Michigan Football: Winners and Losers from Week 3 Game vs. UMass
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It was bound to happen, right?
The Michigan Wolverines' offense finally came to life during Saturday's 63-13 thrashing of the visiting UMass Minutemen, flexing its muscle early and often, getting everyone involved and helping the team forget two previous lukewarm showings in Weeks 1 and 2.
Wolverines coach Brady Hoke told The Wolverine.com, "It's great to win, but if we want to win the Big Ten championship, we've got to improve in a lot of areas. They start up front on both lines of scrimmage."
Hoke's postgame thoughts lend a hint as to whom the winners and losers were during Week 3. But let's summarize a couple talking points before the grand breakdown.
Winner: Denard Robinson, of course. He showcased his highly criticized arm and actually appeared to be more of a quarterback and less of a guy who's under center and just runs, runs, runs.
Loser(s): The guys on the offensive and defensive lines. Hoke was far from thrilled by the way those two groups played, despite a huge victory.
As promised, let's get into the analysis and break down the successful players and the ones who weren't...well, the ones who weren't so successful.
Denard Robinson Wins...and Wins Big Time
Denard Robinson was as close to perfect Saturday as he's been in some time.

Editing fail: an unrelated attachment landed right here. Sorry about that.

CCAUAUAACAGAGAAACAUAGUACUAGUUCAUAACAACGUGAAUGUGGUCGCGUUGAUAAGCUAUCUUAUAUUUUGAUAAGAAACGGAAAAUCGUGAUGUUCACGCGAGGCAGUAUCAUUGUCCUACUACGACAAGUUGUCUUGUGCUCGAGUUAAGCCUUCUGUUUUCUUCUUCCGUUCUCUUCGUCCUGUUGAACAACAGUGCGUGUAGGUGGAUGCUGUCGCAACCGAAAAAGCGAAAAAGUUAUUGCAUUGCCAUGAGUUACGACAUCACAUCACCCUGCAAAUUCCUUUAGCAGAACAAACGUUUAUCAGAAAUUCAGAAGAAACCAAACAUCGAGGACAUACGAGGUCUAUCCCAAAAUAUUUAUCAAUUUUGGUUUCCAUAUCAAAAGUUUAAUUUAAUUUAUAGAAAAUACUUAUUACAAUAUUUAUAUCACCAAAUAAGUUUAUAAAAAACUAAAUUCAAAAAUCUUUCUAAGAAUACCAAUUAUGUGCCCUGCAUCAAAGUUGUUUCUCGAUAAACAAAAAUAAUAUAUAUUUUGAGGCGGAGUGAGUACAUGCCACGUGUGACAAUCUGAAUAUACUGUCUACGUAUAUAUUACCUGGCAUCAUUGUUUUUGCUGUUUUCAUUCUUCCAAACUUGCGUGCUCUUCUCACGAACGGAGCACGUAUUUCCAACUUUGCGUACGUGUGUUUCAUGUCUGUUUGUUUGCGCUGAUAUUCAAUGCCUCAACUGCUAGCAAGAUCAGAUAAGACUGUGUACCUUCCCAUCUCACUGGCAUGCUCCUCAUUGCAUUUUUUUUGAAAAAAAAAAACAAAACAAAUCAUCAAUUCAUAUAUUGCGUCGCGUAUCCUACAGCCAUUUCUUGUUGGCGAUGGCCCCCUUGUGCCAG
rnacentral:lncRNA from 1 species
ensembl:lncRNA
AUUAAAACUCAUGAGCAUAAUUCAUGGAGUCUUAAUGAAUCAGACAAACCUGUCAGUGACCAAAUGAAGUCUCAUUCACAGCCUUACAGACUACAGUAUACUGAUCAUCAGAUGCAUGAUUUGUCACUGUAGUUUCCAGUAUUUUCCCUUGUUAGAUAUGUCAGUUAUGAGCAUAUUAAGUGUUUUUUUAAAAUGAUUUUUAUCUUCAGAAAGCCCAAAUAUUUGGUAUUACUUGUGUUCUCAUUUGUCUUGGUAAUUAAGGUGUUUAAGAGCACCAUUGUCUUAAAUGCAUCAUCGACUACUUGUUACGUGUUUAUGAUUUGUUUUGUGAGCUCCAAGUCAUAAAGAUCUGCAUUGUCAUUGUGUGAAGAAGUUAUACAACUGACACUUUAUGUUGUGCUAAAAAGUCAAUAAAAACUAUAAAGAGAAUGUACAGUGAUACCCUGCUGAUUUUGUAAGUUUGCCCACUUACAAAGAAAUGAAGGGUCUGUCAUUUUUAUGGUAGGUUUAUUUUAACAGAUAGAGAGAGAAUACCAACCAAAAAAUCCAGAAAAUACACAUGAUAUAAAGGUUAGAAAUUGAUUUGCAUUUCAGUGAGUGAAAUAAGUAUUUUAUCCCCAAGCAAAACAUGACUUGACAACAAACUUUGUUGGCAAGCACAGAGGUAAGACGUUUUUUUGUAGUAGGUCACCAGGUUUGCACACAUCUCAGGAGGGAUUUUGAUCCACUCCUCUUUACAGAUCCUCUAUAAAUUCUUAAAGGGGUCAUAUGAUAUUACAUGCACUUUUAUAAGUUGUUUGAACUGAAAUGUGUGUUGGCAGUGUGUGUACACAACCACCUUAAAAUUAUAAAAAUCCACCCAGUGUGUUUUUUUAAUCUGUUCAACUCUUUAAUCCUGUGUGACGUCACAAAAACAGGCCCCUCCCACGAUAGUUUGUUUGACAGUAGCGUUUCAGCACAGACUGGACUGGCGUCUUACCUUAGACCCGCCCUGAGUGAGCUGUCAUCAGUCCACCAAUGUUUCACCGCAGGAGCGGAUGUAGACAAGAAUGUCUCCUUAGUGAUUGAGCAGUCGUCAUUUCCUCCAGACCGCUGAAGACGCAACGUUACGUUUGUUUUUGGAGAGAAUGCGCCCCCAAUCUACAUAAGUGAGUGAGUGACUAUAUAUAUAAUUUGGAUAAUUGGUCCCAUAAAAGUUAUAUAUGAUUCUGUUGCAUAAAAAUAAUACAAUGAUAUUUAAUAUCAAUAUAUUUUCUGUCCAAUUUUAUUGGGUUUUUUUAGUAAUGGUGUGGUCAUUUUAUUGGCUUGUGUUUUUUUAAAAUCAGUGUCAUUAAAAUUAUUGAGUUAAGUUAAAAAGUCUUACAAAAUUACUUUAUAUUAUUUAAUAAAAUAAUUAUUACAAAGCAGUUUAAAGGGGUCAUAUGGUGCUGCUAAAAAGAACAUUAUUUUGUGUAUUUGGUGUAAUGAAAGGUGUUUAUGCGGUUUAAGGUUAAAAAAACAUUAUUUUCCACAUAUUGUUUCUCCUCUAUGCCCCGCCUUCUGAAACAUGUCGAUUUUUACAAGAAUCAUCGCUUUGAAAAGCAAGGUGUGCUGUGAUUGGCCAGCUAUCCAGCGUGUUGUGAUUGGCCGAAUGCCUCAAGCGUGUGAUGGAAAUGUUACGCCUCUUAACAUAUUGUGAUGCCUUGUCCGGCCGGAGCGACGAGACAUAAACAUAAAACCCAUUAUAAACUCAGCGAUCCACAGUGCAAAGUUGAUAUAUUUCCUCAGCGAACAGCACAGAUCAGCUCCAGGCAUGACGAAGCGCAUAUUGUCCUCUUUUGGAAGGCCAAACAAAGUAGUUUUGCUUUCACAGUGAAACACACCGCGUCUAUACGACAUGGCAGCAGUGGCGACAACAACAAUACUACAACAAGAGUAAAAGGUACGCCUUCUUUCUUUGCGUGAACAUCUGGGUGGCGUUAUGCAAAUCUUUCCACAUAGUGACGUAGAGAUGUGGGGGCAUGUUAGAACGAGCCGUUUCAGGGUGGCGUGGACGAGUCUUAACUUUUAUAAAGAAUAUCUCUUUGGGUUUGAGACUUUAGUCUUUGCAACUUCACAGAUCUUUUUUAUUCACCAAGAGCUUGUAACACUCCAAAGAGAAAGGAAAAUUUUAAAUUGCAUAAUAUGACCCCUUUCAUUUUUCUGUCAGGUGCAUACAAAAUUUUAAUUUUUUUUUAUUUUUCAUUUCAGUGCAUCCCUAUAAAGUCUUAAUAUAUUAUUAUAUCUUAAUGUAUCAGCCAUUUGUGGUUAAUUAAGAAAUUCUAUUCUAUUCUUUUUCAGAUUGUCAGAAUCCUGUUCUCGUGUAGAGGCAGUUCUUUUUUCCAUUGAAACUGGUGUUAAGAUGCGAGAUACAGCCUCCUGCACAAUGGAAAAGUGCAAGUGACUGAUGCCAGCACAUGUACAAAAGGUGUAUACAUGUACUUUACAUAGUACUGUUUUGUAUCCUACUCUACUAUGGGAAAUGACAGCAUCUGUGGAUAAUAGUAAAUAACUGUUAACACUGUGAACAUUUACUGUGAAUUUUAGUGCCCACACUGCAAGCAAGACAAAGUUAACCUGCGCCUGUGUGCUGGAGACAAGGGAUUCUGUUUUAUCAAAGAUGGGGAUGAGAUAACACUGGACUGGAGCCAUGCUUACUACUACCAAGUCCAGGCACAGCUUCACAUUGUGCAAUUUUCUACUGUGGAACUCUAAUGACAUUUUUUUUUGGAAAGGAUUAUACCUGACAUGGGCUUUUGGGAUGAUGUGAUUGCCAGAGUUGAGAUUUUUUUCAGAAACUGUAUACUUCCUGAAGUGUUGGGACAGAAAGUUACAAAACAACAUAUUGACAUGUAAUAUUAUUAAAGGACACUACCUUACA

Despite throwing a touchdown pass to UMass' Christian Birt, Wolverines quarterback Denard Robinson was golden Saturday.
"I left a couple throws out on the field, and there was the pick-6," Robinson told the Associated Press. "I read that play perfectly, but I made a terrible throw."
Robinson shouldn't be so hard on himself; he fueled the fire that is the Legend of Shoelace during a 63-13 victory over the visiting Minutemen.
One of the biggest knocks on Robinson is the fact that he lacks a high-caliber arm and great accuracy. Well, all of that is true: Robinson isn't exactly former Stanford star Andrew Luck when it comes to tossing the football.
However, Robinson proved that his hard work has indeed paid off. Extra workouts, arm-strengthening exercises and hours spent to improve his mechanics were evident Saturday.
Robinson threw for a season-high 291 yards and completed a season-high 16 pass attempts (16-of-24) en route to leapfrogging Tom Brady and Jim Harbaugh on Michigan's career-passer list; he's now fifth in school history with 5,630 yards.
Passing two legends is great, but it's not Robinson's focus.
"To be honest with you, the only thing I think about is just winning and being accountable for my team," Robinson told the Detroit News.
Robinson's big, three-touchdown day through the air overshadowed the fact that he was nearly unstoppable on the ground, rushing for 109 yards and a score.
Yeah, he did a little with his legs against UMass.